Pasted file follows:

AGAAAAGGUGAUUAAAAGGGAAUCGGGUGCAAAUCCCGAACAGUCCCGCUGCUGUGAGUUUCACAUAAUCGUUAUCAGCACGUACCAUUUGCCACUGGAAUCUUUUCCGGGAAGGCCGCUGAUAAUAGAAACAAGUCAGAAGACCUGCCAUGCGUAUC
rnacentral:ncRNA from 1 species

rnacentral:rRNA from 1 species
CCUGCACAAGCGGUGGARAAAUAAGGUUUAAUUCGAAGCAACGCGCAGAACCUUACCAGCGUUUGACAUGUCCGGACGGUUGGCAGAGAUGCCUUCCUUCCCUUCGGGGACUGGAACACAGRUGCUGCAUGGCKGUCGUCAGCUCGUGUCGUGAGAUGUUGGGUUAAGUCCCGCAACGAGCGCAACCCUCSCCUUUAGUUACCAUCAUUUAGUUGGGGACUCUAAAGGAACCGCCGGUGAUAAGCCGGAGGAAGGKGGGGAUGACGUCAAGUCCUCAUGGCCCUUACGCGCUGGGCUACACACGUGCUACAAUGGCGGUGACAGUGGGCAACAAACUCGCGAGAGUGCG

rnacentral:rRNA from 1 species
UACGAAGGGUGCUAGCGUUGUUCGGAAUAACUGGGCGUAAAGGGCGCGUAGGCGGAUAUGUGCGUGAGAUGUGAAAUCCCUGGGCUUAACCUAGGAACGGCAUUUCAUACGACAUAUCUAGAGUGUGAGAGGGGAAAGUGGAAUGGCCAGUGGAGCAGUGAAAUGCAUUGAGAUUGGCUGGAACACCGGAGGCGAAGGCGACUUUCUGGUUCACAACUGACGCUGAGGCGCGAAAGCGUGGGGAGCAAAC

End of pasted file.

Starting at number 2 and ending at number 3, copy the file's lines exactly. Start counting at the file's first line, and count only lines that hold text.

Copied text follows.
rnacentral:ncRNA from 1 species

rnacentral:rRNA from 1 species